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Overeducation of Young Workers in Spain: How Much Does the First Job Matter? Social Indicators Research

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  • Juan Acosta-Ballesteros

    () (Universidad de La Laguna (ULL)
    Universidad de La Laguna (ULL))

  • María del Pilar Osorno-del Rosal

    (Universidad de La Laguna (ULL))

  • Olga María Rodríguez-Rodríguez

    (Universidad de La Laguna (ULL))

Abstract

Abstract This article contributes to recent overeducation literature on the impact of an initial education mismatch on workers’ future careers. Specifically, using the 2009 ad-hoc module of the Spanish Labour Force Survey, we quantify the differences in the probability of overeducation depending on the quality of individuals’ first match. To do this, we apply an extension of the recursive bivariate probit model, which allows potential endogeneity problems to be taken into account, as well as a dissimilar impact of the initial match for workers with different educational attainment. The results indicate that overeducation is a trap, since young workers who were mismatched in their first job are 40.2 percentage points more likely to be overeducated in a later one than those who were not. When decomposing this difference in two parts, one related to the pure effect of the initial mismatch and another one related to workers’ characteristics, we conclude that the pure effect is more important, and it depends on educational attainment.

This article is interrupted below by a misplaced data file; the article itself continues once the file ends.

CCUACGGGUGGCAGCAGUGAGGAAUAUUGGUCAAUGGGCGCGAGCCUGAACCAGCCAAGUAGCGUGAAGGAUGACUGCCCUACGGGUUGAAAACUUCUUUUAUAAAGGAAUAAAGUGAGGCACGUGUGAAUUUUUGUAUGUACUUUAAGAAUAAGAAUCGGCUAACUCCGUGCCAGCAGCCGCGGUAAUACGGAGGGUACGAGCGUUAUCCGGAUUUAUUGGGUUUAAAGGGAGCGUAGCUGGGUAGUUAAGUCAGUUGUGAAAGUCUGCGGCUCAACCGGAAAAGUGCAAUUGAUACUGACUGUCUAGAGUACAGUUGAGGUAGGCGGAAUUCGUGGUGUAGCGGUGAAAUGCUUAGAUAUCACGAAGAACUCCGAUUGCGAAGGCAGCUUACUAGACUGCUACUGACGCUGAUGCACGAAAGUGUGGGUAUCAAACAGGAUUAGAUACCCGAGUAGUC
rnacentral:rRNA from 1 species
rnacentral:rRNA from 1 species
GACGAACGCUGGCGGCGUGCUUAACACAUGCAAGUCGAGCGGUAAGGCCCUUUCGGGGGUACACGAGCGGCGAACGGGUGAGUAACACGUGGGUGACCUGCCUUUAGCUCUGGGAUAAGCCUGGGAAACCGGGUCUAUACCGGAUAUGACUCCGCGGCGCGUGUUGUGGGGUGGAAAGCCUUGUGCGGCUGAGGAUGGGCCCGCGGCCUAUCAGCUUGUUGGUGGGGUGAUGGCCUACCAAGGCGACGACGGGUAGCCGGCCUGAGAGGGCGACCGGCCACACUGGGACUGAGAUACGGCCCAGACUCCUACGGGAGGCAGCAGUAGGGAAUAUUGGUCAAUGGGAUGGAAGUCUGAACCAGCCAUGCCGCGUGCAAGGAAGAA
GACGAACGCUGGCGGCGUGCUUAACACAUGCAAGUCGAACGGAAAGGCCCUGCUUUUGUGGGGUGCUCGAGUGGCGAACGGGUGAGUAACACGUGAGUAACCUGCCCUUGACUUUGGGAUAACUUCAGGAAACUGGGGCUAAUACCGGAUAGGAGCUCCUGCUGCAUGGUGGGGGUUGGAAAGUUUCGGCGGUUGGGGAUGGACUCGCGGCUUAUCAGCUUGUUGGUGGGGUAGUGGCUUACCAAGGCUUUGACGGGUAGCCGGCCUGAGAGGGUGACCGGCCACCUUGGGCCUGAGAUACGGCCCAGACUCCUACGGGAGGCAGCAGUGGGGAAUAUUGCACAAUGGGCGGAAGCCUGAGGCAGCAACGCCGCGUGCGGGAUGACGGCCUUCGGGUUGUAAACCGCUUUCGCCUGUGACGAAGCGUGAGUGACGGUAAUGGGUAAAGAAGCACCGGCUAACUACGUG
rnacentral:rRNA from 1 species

Suggested Citation

  • Juan Acosta-Ballesteros & María del Pilar Osorno-del Rosal & Olga María Rodríguez-Rodríguez, 2018. "Overeducation of Young Workers in Spain: How Much Does the First Job Matter? Social Indicators Research," Social Indicators Research: An International and Interdisciplinary Journal for Quality-of-Life Measurement, Springer, vol. 138(1), pages 109-139, July.
  • Handle: RePEc:spr:soinre:v:138:y:2018:i:1:d:10.1007_s11205-017-1643-z
    DOI: 10.1007/s11205-017-1643-z
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    Keywords

    Educational attainment; Overeducation; Persistence; Young workers; Spain; Recursive bivariate probit;

    JEL classification:

    • I21 - Health, Education, and Welfare - - Education - - - Analysis of Education
    • J24 - Labor and Demographic Economics - - Demand and Supply of Labor - - - Human Capital; Skills; Occupational Choice; Labor Productivity

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